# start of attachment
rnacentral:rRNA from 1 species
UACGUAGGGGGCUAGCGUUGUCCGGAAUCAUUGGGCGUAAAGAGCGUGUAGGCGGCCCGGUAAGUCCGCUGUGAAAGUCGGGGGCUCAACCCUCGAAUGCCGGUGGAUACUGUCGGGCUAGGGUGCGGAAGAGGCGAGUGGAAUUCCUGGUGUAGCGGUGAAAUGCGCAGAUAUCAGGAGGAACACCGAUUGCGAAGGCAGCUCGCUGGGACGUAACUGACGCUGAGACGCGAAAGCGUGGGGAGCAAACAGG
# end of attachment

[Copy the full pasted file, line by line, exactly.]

rnacentral:rRNA from 1 species
UACGUAGGGGGCUAGCGUUGUCCGGAAUCAUUGGGCGUAAAGAGCGUGUAGGCGGCCCGGUAAGUCCGCUGUGAAAGUCGGGGGCUCAACCCUCGAAUGCCGGUGGAUACUGUCGGGCUAGGGUGCGGAAGAGGCGAGUGGAAUUCCUGGUGUAGCGGUGAAAUGCGCAGAUAUCAGGAGGAACACCGAUUGCGAAGGCAGCUCGCUGGGACGUAACUGACGCUGAGACGCGAAAGCGUGGGGAGCAAACAGG